Tufa Village (Nevada) : placing the Fort Sage Drift Fence in a larger archaeological context. (Anthropological papers of the American Museum of Natural History, no. 102)

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dc.contributor.author Young, D. Craig
dc.contributor.author Hildebrandt, William R.
dc.contributor.author Far Western Anthropological Research Group.
dc.date.accessioned 2017-06-19T02:42:37Z
dc.date.available 2017-06-19T02:42:37Z
dc.date.issued 2017-06-16
dc.identifier.other http://dx.doi.org/10.5531/sp.anth.0102
dc.identifier.uri http://digitallibrary.amnh.org/handle/2246/6720
dc.description 63 pages : illustrations (some color), maps ; 26 cm. en_US
dc.description.abstract The Fort Sage Drift Fence is one of the largest pre-Contact rock features known in the Great Basin, and appears to date between 3700 and 1000 cal B.P. When Pendleton and Thomas (1983) first recorded the 2 km long complex, they were impressed by its sheer size and the amount of labor required to build it. This led them to hypothesize that it must have been constructed, maintained, and used by specialized groups associated with a centralized, village-based settlement system--a system that was not recognized in the archaeological record at that time. Their hypothesis turned out to be quite insightful, as subsequent analyses of faunal remains and settlement pattern data have documented the rise of logistical hunting organization linked to higher levels of settlement stability between about 4500 and 1000 cal B.P. throughout much of the Great Basin. Although Pendleton and Thomas' (1983) proposal has been borne out on a general, interregional level, it has never been evaluated with local archaeological data. This monograph remedies this situation through reporting the excavation findings from a nearby, contemporaneous house-pit village site. These findings allow us to place the drift fence within its larger settlement context, and provide additional archaeological support for the original Pendleton-Thomas hypothesis. en_US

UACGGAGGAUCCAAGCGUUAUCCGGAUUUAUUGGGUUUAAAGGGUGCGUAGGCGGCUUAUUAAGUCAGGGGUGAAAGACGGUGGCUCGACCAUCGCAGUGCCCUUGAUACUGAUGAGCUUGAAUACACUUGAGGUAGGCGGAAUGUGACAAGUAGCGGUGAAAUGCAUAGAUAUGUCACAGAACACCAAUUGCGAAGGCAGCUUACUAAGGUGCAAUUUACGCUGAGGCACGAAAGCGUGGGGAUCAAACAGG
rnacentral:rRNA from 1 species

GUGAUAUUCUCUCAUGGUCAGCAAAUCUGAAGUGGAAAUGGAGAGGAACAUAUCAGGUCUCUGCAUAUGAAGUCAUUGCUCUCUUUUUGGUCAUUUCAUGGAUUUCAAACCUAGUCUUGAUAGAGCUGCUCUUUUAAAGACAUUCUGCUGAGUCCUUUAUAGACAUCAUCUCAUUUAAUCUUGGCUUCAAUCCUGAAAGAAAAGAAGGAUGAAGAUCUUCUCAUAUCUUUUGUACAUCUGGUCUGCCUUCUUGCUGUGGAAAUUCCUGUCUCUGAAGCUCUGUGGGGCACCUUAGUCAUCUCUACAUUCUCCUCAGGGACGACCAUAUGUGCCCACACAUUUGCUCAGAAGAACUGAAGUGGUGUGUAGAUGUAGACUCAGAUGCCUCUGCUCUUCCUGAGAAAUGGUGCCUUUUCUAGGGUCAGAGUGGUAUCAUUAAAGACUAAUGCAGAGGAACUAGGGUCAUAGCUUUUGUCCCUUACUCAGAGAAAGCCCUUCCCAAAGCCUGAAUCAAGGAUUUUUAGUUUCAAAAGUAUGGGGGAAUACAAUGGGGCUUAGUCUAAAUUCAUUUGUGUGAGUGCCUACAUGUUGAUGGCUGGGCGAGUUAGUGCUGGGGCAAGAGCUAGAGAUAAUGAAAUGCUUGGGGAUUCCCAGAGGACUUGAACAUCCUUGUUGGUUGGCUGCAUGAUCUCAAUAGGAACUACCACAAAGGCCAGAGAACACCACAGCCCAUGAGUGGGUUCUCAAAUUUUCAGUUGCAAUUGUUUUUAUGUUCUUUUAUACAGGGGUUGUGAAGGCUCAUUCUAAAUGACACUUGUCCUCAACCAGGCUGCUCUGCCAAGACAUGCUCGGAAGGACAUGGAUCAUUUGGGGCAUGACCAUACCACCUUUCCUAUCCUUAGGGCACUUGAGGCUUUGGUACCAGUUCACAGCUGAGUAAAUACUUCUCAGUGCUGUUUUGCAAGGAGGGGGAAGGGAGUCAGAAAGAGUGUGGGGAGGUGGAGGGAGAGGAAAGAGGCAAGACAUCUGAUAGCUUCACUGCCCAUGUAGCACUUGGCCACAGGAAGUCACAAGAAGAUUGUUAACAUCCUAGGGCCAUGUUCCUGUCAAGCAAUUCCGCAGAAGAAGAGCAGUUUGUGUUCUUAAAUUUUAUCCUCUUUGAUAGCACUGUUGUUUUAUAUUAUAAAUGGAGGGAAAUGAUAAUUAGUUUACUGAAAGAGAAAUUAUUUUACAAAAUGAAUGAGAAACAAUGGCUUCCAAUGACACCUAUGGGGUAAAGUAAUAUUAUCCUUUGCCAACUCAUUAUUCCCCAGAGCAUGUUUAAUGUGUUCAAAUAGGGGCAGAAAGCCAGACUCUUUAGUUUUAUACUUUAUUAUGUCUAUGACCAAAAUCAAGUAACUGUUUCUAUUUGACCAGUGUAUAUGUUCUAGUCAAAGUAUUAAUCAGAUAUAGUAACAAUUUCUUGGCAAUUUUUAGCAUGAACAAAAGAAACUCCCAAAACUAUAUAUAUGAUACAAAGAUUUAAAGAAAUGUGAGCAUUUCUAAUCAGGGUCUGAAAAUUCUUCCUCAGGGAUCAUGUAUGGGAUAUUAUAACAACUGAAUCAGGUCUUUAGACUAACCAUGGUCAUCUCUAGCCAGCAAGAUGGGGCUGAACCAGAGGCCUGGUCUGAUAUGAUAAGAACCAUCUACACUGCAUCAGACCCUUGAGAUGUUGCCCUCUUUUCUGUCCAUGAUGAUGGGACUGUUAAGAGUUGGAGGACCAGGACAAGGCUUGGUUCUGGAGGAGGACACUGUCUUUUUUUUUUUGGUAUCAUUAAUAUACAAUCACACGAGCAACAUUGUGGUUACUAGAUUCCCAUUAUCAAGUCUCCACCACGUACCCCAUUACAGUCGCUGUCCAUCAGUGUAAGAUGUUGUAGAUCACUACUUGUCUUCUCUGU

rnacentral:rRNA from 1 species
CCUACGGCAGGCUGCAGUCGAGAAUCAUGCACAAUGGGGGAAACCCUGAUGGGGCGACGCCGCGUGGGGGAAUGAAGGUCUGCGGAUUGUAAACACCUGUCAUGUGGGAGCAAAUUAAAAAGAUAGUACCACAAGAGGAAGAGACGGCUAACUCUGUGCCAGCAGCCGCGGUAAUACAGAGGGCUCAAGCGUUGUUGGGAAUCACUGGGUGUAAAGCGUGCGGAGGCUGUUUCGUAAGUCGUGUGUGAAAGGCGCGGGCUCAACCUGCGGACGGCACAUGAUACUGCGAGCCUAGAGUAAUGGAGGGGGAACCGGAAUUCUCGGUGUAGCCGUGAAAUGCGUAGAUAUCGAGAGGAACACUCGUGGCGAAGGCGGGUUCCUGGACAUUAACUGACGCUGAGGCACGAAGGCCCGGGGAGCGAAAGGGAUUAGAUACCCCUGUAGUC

dc.language.iso en_US en_US
dc.publisher American Museum of Natural History. en_US
dc.relation.ispartofseries Anthropological papers of the American Museum of Natural History;no.102.
dc.subject Paleo-Indians. en_US
dc.subject Tufa Village Site (Nev.) en_US
dc.subject Fort Sage Drift Fence Site (Nev.) en_US
dc.subject Indians of North America -- Hunting. en_US
dc.subject Land settlement patterns, Prehistoric -- Great Basin. en_US
dc.subject Antiquities, Prehistoric. en_US
dc.subject Nevada. en_US
dc.subject Great Basin. en_US
dc.title Tufa Village (Nevada) : placing the Fort Sage Drift Fence in a larger archaeological context. (Anthropological papers of the American Museum of Natural History, no. 102) en_US


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  • Anthropological Papers of the American Museum of Natural History
    The Anthropological Papers, published continuously since 1907, are monographic volumes that include some of the great ethnographies of the 20th century, particularly on North American Indians. Several illustrious anthropologists published their work in the Anthropological Papers, as well as many past and present curators of the AMNH Division of Anthropology. Prior to 1930, large special reports were published in the Memoirs.

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